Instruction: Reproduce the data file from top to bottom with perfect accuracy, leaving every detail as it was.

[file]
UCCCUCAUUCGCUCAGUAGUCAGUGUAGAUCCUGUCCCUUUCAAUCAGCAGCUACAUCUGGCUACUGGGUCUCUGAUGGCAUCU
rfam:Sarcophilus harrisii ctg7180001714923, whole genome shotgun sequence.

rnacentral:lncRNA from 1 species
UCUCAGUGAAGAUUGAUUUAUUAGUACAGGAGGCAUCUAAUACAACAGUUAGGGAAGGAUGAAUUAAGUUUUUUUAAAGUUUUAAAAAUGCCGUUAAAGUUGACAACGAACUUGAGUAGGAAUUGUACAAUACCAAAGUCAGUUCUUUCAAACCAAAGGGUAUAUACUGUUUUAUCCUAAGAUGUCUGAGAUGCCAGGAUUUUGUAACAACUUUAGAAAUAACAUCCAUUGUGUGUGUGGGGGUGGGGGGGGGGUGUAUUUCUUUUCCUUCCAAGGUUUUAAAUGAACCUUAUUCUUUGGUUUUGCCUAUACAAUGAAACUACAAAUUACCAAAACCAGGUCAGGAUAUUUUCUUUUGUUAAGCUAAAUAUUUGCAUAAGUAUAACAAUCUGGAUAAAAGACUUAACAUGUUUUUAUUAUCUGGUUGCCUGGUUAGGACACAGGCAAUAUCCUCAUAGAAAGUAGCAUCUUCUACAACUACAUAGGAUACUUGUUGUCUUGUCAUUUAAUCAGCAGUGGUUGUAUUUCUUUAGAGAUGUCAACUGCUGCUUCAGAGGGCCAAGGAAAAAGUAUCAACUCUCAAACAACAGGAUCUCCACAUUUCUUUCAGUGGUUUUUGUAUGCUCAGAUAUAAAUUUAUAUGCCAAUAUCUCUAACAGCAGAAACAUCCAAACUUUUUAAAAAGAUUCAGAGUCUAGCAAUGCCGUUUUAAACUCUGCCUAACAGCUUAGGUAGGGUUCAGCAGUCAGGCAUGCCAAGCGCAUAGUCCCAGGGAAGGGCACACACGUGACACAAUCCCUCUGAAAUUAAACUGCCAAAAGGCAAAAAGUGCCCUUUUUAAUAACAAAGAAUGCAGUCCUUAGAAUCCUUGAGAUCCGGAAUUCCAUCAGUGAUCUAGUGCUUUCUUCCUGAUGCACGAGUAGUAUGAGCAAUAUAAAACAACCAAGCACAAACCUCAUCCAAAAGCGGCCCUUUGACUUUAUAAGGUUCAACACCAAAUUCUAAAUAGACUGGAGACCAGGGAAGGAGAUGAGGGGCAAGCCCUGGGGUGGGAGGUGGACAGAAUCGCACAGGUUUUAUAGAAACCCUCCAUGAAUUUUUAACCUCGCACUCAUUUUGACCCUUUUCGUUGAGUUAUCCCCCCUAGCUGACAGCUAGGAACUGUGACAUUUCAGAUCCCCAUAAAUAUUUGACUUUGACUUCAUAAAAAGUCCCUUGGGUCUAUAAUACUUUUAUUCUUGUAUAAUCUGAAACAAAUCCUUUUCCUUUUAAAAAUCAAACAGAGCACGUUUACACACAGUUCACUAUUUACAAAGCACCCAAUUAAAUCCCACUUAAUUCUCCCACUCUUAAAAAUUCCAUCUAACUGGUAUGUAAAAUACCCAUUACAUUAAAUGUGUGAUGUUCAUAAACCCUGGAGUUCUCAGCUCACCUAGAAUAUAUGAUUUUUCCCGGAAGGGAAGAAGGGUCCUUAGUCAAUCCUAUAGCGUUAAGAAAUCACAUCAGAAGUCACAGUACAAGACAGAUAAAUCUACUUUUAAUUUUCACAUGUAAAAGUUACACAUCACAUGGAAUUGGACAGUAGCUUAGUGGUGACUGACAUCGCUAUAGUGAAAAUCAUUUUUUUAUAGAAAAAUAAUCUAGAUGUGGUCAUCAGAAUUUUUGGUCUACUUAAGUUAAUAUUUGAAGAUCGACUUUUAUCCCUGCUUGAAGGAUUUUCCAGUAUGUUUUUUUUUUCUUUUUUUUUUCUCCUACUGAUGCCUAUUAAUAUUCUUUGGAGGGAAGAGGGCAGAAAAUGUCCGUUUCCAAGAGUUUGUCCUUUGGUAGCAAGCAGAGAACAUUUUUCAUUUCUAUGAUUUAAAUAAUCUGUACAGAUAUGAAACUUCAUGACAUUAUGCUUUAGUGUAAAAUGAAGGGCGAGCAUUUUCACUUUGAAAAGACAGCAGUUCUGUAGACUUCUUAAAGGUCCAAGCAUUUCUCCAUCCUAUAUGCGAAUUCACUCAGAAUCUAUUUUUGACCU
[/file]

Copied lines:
UCCCUCAUUCGCUCAGUAGUCAGUGUAGAUCCUGUCCCUUUCAAUCAGCAGCUACAUCUGGCUACUGGGUCUCUGAUGGCAUCU
rfam:Sarcophilus harrisii ctg7180001714923, whole genome shotgun sequence.

rnacentral:lncRNA from 1 species
UCUCAGUGAAGAUUGAUUUAUUAGUACAGGAGGCAUCUAAUACAACAGUUAGGGAAGGAUGAAUUAAGUUUUUUUAAAGUUUUAAAAAUGCCGUUAAAGUUGACAACGAACUUGAGUAGGAAUUGUACAAUACCAAAGUCAGUUCUUUCAAACCAAAGGGUAUAUACUGUUUUAUCCUAAGAUGUCUGAGAUGCCAGGAUUUUGUAACAACUUUAGAAAUAACAUCCAUUGUGUGUGUGGGGGUGGGGGGGGGGUGUAUUUCUUUUCCUUCCAAGGUUUUAAAUGAACCUUAUUCUUUGGUUUUGCCUAUACAAUGAAACUACAAAUUACCAAAACCAGGUCAGGAUAUUUUCUUUUGUUAAGCUAAAUAUUUGCAUAAGUAUAACAAUCUGGAUAAAAGACUUAACAUGUUUUUAUUAUCUGGUUGCCUGGUUAGGACACAGGCAAUAUCCUCAUAGAAAGUAGCAUCUUCUACAACUACAUAGGAUACUUGUUGUCUUGUCAUUUAAUCAGCAGUGGUUGUAUUUCUUUAGAGAUGUCAACUGCUGCUUCAGAGGGCCAAGGAAAAAGUAUCAACUCUCAAACAACAGGAUCUCCACAUUUCUUUCAGUGGUUUUUGUAUGCUCAGAUAUAAAUUUAUAUGCCAAUAUCUCUAACAGCAGAAACAUCCAAACUUUUUAAAAAGAUUCAGAGUCUAGCAAUGCCGUUUUAAACUCUGCCUAACAGCUUAGGUAGGGUUCAGCAGUCAGGCAUGCCAAGCGCAUAGUCCCAGGGAAGGGCACACACGUGACACAAUCCCUCUGAAAUUAAACUGCCAAAAGGCAAAAAGUGCCCUUUUUAAUAACAAAGAAUGCAGUCCUUAGAAUCCUUGAGAUCCGGAAUUCCAUCAGUGAUCUAGUGCUUUCUUCCUGAUGCACGAGUAGUAUGAGCAAUAUAAAACAACCAAGCACAAACCUCAUCCAAAAGCGGCCCUUUGACUUUAUAAGGUUCAACACCAAAUUCUAAAUAGACUGGAGACCAGGGAAGGAGAUGAGGGGCAAGCCCUGGGGUGGGAGGUGGACAGAAUCGCACAGGUUUUAUAGAAACCCUCCAUGAAUUUUUAACCUCGCACUCAUUUUGACCCUUUUCGUUGAGUUAUCCCCCCUAGCUGACAGCUAGGAACUGUGACAUUUCAGAUCCCCAUAAAUAUUUGACUUUGACUUCAUAAAAAGUCCCUUGGGUCUAUAAUACUUUUAUUCUUGUAUAAUCUGAAACAAAUCCUUUUCCUUUUAAAAAUCAAACAGAGCACGUUUACACACAGUUCACUAUUUACAAAGCACCCAAUUAAAUCCCACUUAAUUCUCCCACUCUUAAAAAUUCCAUCUAACUGGUAUGUAAAAUACCCAUUACAUUAAAUGUGUGAUGUUCAUAAACCCUGGAGUUCUCAGCUCACCUAGAAUAUAUGAUUUUUCCCGGAAGGGAAGAAGGGUCCUUAGUCAAUCCUAUAGCGUUAAGAAAUCACAUCAGAAGUCACAGUACAAGACAGAUAAAUCUACUUUUAAUUUUCACAUGUAAAAGUUACACAUCACAUGGAAUUGGACAGUAGCUUAGUGGUGACUGACAUCGCUAUAGUGAAAAUCAUUUUUUUAUAGAAAAAUAAUCUAGAUGUGGUCAUCAGAAUUUUUGGUCUACUUAAGUUAAUAUUUGAAGAUCGACUUUUAUCCCUGCUUGAAGGAUUUUCCAGUAUGUUUUUUUUUUCUUUUUUUUUUCUCCUACUGAUGCCUAUUAAUAUUCUUUGGAGGGAAGAGGGCAGAAAAUGUCCGUUUCCAAGAGUUUGUCCUUUGGUAGCAAGCAGAGAACAUUUUUCAUUUCUAUGAUUUAAAUAAUCUGUACAGAUAUGAAACUUCAUGACAUUAUGCUUUAGUGUAAAAUGAAGGGCGAGCAUUUUCACUUUGAAAAGACAGCAGUUCUGUAGACUUCUUAAAGGUCCAAGCAUUUCUCCAUCCUAUAUGCGAAUUCACUCAGAAUCUAUUUUUGACCU